Friday, April 19, 2013

Hurtful Responses to Tragedy: Hate or Fear?

In the past month, it seems, there have been so many instances of very publicized, very tragic events. Right now, it feels like our entire world is in a state of shock and fear, particularly America. Often, we see people come together in amazing ways to support and lift up those who are hurting during such tragedies. However, there are also those who seem to add hurtful words, condemnation, and blame to situations that are already painful enough. 

This problem is disturbingly rampant within the body of Christ. Often, the rest of us focus on their inappropriate responses and think they are merely hate-filled people. Though I certainly do not condone their unjustifiable actions and words, I do seek to understand people better, especially fellow believers. My question is this: are they really reacting from hate, or are they more likely reacting from fear that has resulted from an unhealthy worldview? To answer this question, I turn to some typical aspects of a western worldview and how they have affected Christians.

I would like to point out three huge assumptions by which we (at least those of us with a western worldview) construct meaning from the world in which we live.

1. I can cause my world to be benevolent. - This is not the belief that the outside world is good. This is the idea that if I do the right things, my world will be good. Frequently, with Christians, this manifests in the idea that as long as I act according to God's will, I will always have positive outcomes.

The problem with this worldview is that we are expecting God to act in accordance with our expectation of what a positive outcome actually is, not to mention the fact that we are attempting to manipulate God into acting according to our will by a distorted sense of our own personal ability to be holy apart from Him. This worldview essentially places the theological cart before the horse in that it creates a scenario in which God responds to our actions. In truth, our obedience is supposed to be a loving response to God, Who first loved us. Thanks be to God that His lovingkindness and care is not contingent upon our perfection. It is rooted in the fear of failure and abandonment.

2. Justice is the pivotal force in the world. - This is belief in the dualistic view of punishment and reward. Frequently, with Christians, this manifests in the idea that all negative events are punishments and all positive events are rewards.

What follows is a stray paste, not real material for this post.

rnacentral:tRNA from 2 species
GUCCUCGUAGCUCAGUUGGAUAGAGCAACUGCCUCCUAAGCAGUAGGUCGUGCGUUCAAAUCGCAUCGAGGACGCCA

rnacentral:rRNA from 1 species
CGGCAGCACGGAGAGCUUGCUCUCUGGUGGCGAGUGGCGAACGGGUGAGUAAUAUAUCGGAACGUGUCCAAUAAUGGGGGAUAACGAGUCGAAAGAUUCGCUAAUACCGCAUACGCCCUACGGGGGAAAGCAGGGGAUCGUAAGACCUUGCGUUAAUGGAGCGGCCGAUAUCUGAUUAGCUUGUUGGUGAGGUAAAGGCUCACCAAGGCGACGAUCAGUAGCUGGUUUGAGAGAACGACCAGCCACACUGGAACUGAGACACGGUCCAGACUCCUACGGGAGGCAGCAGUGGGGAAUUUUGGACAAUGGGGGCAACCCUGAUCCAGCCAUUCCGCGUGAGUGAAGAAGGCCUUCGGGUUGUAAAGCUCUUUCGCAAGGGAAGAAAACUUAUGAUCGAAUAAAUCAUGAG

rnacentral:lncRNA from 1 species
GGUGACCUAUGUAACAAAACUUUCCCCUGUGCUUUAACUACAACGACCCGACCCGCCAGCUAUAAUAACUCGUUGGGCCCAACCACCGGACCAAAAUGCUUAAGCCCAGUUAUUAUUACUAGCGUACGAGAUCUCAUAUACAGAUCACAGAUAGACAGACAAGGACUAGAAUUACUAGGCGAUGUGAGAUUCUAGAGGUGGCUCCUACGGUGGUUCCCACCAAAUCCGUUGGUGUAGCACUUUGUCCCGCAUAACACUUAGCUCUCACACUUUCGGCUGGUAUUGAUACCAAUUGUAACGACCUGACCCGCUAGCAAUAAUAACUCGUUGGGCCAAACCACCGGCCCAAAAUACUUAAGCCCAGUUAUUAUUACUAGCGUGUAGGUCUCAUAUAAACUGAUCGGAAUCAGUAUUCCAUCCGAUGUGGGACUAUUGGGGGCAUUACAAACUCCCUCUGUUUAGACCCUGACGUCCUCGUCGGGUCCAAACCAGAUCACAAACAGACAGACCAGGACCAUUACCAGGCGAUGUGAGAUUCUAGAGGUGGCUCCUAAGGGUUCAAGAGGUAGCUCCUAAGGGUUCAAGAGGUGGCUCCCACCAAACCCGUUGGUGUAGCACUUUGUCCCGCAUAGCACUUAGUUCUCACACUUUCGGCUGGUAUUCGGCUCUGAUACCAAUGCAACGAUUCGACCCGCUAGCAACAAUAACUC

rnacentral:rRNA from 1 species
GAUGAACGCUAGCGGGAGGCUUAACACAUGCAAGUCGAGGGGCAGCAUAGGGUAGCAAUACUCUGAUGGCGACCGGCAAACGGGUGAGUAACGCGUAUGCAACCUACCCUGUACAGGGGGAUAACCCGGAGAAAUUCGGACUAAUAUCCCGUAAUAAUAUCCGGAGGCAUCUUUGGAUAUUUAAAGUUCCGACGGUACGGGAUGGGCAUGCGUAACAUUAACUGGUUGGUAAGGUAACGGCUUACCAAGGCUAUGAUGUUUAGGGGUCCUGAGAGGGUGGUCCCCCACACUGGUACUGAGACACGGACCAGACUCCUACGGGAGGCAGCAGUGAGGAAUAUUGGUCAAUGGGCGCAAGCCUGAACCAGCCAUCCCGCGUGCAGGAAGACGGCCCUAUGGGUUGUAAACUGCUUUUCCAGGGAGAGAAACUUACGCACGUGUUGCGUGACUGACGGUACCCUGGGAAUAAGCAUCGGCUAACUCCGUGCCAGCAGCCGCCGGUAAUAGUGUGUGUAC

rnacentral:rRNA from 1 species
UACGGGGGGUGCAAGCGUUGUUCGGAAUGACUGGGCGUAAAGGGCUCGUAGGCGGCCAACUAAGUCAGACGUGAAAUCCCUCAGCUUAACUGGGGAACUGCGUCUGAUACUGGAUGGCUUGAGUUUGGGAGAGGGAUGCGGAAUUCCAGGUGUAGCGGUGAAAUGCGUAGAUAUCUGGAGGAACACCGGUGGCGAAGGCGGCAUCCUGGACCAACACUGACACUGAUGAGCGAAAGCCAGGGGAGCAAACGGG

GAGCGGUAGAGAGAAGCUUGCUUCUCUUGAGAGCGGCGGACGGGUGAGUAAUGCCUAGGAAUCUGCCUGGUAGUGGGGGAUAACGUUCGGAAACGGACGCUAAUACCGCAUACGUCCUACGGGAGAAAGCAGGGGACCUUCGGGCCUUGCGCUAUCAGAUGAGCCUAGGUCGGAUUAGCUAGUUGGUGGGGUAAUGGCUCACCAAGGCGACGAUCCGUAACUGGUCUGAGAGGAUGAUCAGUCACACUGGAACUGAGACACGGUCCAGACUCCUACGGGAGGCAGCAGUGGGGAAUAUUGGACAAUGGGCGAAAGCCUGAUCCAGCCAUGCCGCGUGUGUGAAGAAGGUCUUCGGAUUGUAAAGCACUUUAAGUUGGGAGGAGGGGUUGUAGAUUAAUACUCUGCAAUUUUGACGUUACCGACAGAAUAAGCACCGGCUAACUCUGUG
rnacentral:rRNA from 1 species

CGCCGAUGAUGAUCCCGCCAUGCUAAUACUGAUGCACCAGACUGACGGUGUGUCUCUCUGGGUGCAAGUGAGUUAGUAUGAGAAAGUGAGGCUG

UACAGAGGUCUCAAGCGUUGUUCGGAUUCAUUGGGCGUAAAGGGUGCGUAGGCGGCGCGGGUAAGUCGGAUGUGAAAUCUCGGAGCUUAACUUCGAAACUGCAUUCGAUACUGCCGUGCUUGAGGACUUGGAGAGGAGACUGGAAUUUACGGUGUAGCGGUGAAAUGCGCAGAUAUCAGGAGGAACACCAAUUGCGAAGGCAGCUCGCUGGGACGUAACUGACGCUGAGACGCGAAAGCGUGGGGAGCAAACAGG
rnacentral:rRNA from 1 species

The problem with this worldview is that again, we are dealing with a reactionary view of how God operates. Not only does this view imply that God only acts in response to our actions, but it is a distorted way of dealing with good and evil. It implies that all bad events are punishment for personal sin and all good events are rewards for personal goodness. This worldview often leads Christians to condemn others based upon circumstances that are outside their control. The truth is that good things sometimes happen to people who live contrary to every command of God and bad things often happen to people who truly seek to serve Him with a pure heart. We live in a fallen world and negative events do not always reflect some personal sin or grievous error made by the afflicted person. It is rooted in the fear of retribution and the unknown.

3. My worthiness is based on how I live. - This is the belief that adherence to religious or moral standards proves the worth of the person and that the status of being a "good person" makes them better than someone who does not practice the same set of high ideals. This is perhaps the view that causes the most trouble with Christians.

The problem with this worldview is that it causes a holier-than-thou attitude. It results in much division within and without the body of Christ due to denominational bickering and hypocritical condemnation of the unchurched. It promotes legalism and arrogance, and it is rooted in the fear of rejection and the revealing of personal flaws.

All three of these problematic worldviews are deeply rooted in fear and distorted views of God. They are all oversimplified ways of coping with a world that is confusing, infinitely complicated, and unpredictable. When our lives is challenged by a traumatic event, whether it is our own trauma or another's, we fall back on these old ways of understanding the world around us, often to our detriment and that of the people around us. This explains why we see others blaming certain people groups for tragedies like the Boston Marathon bombings. I even heard people say that our own government had set up the blasts! Many other hurtful responses have occurred after trauma as people attempt to make sense out of a situation that is senseless and defies explanation. Often, our first response to fear is attack, and what do we fear more than the unknown and unexplainable?

The good news is that through the renewing of our minds, we can come to a more healthy way of responding to crisis and tragedy. By developing a more accurate view of Who God is and how we relate to Him, we can understand that we don't have to make sense of the world around us. In the end, God is good, and all His promises are Amen. It doesn't matter what happens in this fallen world in which we live. We can all come together and lovingly support each other, regardless of whether we always agree. The one thing we can all agree on is that every one of us wants love and understanding. We may not be able to make sense of what happens, but we can make the bearing of it all a little easier if we set aside these harmful ideas and offer each other the grace that has been given to us.

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